Type 2 Diabetes Risk Increased With Low Thyroid Function

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Higher thyroid-stimulating hormone was linked to increased type 2 diabetes risk.
Higher thyroid-stimulating hormone was linked to increased type 2 diabetes risk.

BOSTON — Patients diagnosed with prediabetes have a 40% greater likelihood of developing diabetes if they are also diagnosed with hypothyroidism.

“Low thyroid function is associated with higher risk of developing diabetes, but also the progression from prediabetes to diabetes and this is even within the normal range of thyroid function,” said Layal Chaker, MD, of Erasmus Medical Center in Rotterdam, Netherlands.“Low thyroid function as represented by higher TSH [thyroid-stimulating hormone] is associated with a 1.2-fold increased risk of diabetes and a 1.4-fold increased risk for progression from prediabetes.”

She added that, over a lifetime, 70% to 75% of people diagnosed with prediabetes will progress to diabetes.

Dr Chaker presented the results at ENDO 2016.

Thyroid hormone is important for metabolism, and thus important in controlling weight and cholesterol metabolism. Therefore, Dr Chaker and her team hypothesized that thyroid hormone could also be important in the development of type 2 diabetes.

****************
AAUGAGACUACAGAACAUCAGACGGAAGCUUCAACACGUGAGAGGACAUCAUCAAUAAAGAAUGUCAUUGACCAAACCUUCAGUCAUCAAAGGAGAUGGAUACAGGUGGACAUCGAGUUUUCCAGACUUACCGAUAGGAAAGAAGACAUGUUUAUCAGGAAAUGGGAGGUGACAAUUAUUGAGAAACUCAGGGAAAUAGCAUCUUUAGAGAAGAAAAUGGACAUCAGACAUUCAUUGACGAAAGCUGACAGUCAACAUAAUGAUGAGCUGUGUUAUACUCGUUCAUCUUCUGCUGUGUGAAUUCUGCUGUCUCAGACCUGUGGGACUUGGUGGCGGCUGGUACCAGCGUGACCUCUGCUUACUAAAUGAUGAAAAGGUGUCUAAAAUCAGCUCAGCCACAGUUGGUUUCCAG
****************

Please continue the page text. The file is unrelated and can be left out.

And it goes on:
To test their hypothesis, the research team evaluated thyroid function, incidence of diabetes, and progression from prediabetes to diabetes. Dr Chaker and colleagues selected 8452 participants from the Rotterdam Study, a population-based study of adults aged 45 or older that reflects the general population in the Netherlands. The study population was 58% women and average age was 65 years. On average, TSH and free thyroxine (FT4) were on par with that of the general population (1.91 mIU/L and 1.22 ng/dL, respectively).

No patient had diabetes at baseline. All participants were tested for blood sugar and thyroid function, and reexamined every 2 to 3 years to check for the development of type 2 diabetes.

Patients with fasting glucose between 6 mmol/L and 7 mmol/L were considered to have prediabetes, and those with a fasting glucose of 7 mmol/L or above were considered to have diabetes.

Over an average follow-up of nearly 8 years, 1100 participants developed prediabetes and 798 developed diabetes. Higher TSH was linked to increased diabetes risk (hazard ratio [HR]=1.13; 95% CI, 1.08-1.18 per log TSH), even within the reference range of thyroid function (HR=1.24; 95% CI, 1.06-1.45).

Additionally, diabetes risk was lower with higher FT4 levels in all (HR=0.96; 95% CI, 0.93-0.99 per pmol/L) and in those within the reference range (HR=0.96; 95% CI, 0.92-0.99).

Risk for progression from prediabetes to diabetes was 1.4 times greater for participants in the lowest third of thyroid function levels compared with those in the highest third (P=.002).

“We found it surprising that even people whose thyroid function was in the low-normal range had an increased risk of diabetes,” Dr Chaker said. “These findings suggest we should consider screening people with prediabetes for low thyroid function.”

Reference

  1. Chaker L, Ligthart, Korevaar TIM, et al. OR33-2: Thyroid Function and type 2 diabetes risk: a population-based prospective cohort study. Presented at: ENDO 2016; April 1-4, 2016; Boston, MA.
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